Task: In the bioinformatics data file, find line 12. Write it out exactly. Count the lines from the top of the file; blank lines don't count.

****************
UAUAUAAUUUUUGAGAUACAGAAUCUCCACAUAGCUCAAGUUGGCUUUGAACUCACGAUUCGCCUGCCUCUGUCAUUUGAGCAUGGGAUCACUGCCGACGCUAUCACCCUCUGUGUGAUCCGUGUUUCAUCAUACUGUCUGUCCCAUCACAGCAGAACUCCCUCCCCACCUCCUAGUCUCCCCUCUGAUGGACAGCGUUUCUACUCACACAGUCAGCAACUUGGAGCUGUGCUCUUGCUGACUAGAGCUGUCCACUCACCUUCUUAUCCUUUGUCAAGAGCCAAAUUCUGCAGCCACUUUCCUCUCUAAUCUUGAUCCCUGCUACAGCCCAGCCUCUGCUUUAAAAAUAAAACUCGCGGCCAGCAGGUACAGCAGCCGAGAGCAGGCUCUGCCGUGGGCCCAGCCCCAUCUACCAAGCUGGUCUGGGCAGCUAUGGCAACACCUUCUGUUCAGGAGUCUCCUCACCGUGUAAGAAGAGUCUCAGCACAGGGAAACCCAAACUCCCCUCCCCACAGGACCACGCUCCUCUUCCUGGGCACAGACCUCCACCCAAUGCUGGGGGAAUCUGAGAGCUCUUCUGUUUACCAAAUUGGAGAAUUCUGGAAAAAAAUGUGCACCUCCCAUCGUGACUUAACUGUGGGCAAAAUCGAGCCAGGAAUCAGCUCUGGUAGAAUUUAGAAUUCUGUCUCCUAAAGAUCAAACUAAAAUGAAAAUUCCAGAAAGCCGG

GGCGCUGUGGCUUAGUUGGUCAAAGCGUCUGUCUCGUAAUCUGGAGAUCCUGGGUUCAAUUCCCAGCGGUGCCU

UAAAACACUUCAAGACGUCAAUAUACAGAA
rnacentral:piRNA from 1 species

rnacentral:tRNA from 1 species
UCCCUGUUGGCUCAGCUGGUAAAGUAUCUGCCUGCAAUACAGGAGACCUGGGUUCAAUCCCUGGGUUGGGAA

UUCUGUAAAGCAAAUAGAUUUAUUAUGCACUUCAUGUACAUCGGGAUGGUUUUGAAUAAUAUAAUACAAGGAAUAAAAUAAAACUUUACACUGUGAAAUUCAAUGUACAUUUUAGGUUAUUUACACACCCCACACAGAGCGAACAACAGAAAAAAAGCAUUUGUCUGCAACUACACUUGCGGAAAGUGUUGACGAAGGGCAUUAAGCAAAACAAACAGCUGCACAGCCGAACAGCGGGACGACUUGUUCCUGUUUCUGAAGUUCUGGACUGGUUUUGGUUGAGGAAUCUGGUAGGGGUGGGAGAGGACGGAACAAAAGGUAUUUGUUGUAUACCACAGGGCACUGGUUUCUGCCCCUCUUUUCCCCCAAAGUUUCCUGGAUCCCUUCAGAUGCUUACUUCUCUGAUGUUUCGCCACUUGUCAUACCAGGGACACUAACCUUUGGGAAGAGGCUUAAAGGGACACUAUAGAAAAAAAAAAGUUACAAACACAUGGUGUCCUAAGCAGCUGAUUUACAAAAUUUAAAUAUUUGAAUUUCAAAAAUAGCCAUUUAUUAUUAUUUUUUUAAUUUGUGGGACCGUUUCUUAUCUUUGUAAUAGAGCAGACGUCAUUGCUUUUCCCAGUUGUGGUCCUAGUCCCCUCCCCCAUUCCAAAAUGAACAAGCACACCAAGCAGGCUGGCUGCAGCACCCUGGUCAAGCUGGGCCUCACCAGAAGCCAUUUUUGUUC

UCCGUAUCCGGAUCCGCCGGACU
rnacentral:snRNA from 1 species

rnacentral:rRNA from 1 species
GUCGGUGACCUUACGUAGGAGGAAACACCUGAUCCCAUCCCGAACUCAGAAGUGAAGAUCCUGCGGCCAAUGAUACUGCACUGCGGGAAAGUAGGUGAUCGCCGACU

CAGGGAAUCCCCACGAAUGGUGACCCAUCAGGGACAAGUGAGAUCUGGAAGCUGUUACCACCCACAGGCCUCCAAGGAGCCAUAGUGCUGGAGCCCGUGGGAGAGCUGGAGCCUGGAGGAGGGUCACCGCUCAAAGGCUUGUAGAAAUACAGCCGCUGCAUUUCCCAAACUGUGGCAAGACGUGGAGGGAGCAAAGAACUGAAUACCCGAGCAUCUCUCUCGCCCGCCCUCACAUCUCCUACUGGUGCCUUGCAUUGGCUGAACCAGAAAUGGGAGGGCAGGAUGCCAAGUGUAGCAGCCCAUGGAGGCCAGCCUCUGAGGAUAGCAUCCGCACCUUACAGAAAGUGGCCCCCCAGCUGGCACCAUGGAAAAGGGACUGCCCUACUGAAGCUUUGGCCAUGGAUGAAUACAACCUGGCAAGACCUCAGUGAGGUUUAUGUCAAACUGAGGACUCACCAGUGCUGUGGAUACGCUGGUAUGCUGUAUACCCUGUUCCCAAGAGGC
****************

CAGGGAAUCCCCACGAAUGGUGACCCAUCAGGGACAAGUGAGAUCUGGAAGCUGUUACCACCCACAGGCCUCCAAGGAGCCAUAGUGCUGGAGCCCGUGGGAGAGCUGGAGCCUGGAGGAGGGUCACCGCUCAAAGGCUUGUAGAAAUACAGCCGCUGCAUUUCCCAAACUGUGGCAAGACGUGGAGGGAGCAAAGAACUGAAUACCCGAGCAUCUCUCUCGCCCGCCCUCACAUCUCCUACUGGUGCCUUGCAUUGGCUGAACCAGAAAUGGGAGGGCAGGAUGCCAAGUGUAGCAGCCCAUGGAGGCCAGCCUCUGAGGAUAGCAUCCGCACCUUACAGAAAGUGGCCCCCCAGCUGGCACCAUGGAAAAGGGACUGCCCUACUGAAGCUUUGGCCAUGGAUGAAUACAACCUGGCAAGACCUCAGUGAGGUUUAUGUCAAACUGAGGACUCACCAGUGCUGUGGAUACGCUGGUAUGCUGUAUACCCUGUUCCCAAGAGGC